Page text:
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  • Writer's pictureTamanna Mohapatra

Food Sustainability-at places of learning (Part 1)

New York City is home to 215 higher education institutions that are responsible for educating nearly 500,000 students[i].  

Dining facilities have a significant impact on the carbon footprint of their respective universities. Think food miles, think water, excess chemicals, food waste and landfills etc. The good news is that over the years, food sustainability has gained prominence at Universities and a lot is being done to address food sustainability in day-to-day operations. Presently, some colleges are even offering food related programs, the two most popular programs being NYU’s Master in Food Studies and ‘The New School Programs on Food Studies’.

Being a recent graduate from Columbia University’s MS in Sustainability Management with a focus on and interest in sustainable food systems, I thought it would be a great idea to research, observe, and evaluate how educational institutions are practicing food sustainability on their own campuses.  My hope was to be pleasantly surprised with the opportunities and solutions offered as well as to make aware of and share various challenges this particular sector faces.

This blog piece is divided into two sections. Part 1 focuses on various offerings and its implementations at certain key NYC educational institutes. I decided to focus on obviously my alma mater but also some of the other highly visible and public institutes. Part 2 dwells into details of Sustainable Food practices at Columbia University in specific.

Some overall measures being instituted are listed in this comparison table:

 A little bit more information about some of the programs mentioned above:

Meatless Mondays: This is an international initiative to reduce the amount of meat in our diet by 15% to improve personal health and the health of the planet. Just one day a week can help reduce the risk of cancers, heart disease &Type 2 Diabetes. Click here for more information.

Sustainable Seafood: When seafood offered is based on Seafood Watch safe list based on guidelines set by non-profit organization’s programs such as Monterey Bay Aquarium’s Seafood Watch. This ensures fish offered on a daily basis are from the fish populations that are plentiful and caught or farmed according to sustainability standards.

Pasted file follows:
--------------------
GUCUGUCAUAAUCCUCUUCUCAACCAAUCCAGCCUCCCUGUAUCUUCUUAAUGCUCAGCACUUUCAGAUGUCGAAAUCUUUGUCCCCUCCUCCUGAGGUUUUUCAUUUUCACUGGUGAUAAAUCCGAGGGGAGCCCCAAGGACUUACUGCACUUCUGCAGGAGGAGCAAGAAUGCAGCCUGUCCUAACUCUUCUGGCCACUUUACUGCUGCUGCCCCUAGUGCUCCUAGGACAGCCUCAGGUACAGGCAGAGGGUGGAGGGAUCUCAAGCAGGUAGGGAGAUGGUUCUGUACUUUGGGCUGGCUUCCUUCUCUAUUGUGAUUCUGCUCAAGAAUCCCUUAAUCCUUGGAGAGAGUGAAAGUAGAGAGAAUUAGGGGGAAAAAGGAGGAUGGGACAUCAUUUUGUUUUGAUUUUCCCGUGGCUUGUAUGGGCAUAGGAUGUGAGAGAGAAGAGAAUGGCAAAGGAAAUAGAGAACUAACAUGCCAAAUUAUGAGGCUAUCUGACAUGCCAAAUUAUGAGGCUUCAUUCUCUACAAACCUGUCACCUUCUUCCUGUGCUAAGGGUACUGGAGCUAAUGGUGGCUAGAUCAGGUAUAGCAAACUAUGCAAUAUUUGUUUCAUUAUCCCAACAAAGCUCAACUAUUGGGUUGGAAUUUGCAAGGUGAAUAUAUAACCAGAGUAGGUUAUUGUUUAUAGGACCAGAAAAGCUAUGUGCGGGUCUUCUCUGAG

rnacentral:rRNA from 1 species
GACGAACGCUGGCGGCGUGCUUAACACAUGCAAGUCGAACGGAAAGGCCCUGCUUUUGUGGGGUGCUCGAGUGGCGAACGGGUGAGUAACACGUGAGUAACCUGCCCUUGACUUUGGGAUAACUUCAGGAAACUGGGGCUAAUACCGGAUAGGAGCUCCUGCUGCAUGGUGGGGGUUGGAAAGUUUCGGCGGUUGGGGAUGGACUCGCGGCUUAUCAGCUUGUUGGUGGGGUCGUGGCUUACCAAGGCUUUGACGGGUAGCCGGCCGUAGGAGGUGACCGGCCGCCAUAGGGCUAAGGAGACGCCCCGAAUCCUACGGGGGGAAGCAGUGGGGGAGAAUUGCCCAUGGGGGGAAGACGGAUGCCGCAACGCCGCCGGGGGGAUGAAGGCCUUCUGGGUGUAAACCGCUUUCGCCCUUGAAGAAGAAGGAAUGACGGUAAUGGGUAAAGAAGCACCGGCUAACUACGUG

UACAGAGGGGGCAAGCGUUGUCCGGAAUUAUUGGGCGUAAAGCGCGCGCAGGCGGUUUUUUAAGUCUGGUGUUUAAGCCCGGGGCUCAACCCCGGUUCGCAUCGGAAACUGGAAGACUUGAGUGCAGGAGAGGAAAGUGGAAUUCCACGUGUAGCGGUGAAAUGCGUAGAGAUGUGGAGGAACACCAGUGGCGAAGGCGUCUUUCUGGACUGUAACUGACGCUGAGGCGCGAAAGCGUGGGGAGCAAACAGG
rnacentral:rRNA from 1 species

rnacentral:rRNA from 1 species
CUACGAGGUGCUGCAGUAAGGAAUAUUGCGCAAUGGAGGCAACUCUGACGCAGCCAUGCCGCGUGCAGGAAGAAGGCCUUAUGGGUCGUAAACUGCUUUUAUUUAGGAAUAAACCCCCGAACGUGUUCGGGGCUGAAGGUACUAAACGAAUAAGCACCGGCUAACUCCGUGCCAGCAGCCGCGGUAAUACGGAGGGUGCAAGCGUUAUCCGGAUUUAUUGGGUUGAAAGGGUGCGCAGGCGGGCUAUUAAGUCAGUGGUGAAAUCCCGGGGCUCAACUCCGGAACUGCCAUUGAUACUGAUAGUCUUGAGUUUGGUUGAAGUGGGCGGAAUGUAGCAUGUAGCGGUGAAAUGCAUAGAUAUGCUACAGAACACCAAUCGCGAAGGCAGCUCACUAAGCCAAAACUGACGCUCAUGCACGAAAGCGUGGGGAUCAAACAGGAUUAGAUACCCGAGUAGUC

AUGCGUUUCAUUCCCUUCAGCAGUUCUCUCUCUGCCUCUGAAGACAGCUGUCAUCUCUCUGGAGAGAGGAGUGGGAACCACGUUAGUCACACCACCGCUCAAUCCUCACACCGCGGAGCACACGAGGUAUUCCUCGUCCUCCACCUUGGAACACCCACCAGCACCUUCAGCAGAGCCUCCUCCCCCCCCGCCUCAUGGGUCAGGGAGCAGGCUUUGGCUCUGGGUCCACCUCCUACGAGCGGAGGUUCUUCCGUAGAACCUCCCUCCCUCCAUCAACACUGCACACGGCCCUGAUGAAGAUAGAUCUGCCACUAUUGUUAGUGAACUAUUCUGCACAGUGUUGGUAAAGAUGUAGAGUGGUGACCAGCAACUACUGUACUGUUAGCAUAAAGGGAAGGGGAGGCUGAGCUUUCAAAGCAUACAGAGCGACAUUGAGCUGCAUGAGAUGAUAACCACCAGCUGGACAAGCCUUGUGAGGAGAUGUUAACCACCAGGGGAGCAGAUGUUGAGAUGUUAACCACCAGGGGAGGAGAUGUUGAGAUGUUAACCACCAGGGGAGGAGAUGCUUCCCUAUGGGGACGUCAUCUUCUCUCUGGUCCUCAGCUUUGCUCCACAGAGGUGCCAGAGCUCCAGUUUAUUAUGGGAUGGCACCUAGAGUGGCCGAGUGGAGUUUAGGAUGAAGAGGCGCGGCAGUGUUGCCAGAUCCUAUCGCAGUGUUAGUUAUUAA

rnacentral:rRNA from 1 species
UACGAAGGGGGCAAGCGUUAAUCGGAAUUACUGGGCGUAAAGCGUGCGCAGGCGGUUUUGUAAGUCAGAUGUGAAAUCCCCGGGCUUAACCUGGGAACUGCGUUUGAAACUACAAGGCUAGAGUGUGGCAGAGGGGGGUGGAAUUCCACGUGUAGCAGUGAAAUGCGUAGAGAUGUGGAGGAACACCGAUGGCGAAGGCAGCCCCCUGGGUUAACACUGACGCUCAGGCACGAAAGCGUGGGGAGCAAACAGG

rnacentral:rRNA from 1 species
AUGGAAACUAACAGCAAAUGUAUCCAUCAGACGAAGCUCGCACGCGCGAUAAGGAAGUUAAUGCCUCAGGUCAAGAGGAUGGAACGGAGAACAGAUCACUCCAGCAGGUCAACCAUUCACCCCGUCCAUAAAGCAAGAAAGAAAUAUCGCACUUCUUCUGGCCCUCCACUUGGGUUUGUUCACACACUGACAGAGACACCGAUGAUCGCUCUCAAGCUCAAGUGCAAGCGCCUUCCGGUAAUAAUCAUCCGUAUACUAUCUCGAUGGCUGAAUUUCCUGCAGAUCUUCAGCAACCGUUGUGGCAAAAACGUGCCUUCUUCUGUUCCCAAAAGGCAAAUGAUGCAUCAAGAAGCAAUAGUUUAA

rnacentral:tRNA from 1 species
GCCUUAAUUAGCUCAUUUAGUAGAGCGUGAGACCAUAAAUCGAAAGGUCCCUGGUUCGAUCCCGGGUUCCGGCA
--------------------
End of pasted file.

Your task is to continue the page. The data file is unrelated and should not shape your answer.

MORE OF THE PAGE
Meet Your New Fitness Pal (NYU specific): A calorie counter, diet tracker and exercise journal all in one, the free My Fitness Pal app is meant to help students stay on track with their health goals. It also has the ability to link to the menus of various university dining locations allowing for healthier eating habits.

Food Waste: Food waste at places of education can be categorized into two buckets, consumer waste and pre-consumer waste. Pre-consumer waste refers to the food wasted by dining operators. Universities especially have large food operations. These large operations require a system’s approach to help them identify what, where and why waste was occurring to avoid the same in future. Similarly, preventing consumer waste at universities requires constant education followed by behavior changing strategies. Some of these include introducing students to tray less dining, partnering up with a local food charity, creating a student led garden using in house compost etc.

Tray less dining: Removing trays throughout University cafeterias has resulted in savings in the thousands of gallons of water per day (spent in washing the trays) and approximately 50 pounds of food waste per meal (from students taking only what they can carry and therefore eat).

Sources: NYU Sustainability New School Sustainability Columbia Sustainability in action 1 2 Leanpath Case Study: 3

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